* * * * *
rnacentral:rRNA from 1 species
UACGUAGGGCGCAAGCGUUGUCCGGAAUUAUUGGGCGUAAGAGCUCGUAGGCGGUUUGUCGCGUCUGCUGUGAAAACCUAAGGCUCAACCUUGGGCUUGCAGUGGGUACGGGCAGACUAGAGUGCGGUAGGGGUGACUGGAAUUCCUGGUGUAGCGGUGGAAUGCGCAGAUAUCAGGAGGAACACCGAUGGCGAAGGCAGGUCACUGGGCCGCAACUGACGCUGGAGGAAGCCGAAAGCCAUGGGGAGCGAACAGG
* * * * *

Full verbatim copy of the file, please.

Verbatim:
rnacentral:rRNA from 1 species
UACGUAGGGCGCAAGCGUUGUCCGGAAUUAUUGGGCGUAAGAGCUCGUAGGCGGUUUGUCGCGUCUGCUGUGAAAACCUAAGGCUCAACCUUGGGCUUGCAGUGGGUACGGGCAGACUAGAGUGCGGUAGGGGUGACUGGAAUUCCUGGUGUAGCGGUGGAAUGCGCAGAUAUCAGGAGGAACACCGAUGGCGAAGGCAGGUCACUGGGCCGCAACUGACGCUGGAGGAAGCCGAAAGCCAUGGGGAGCGAACAGG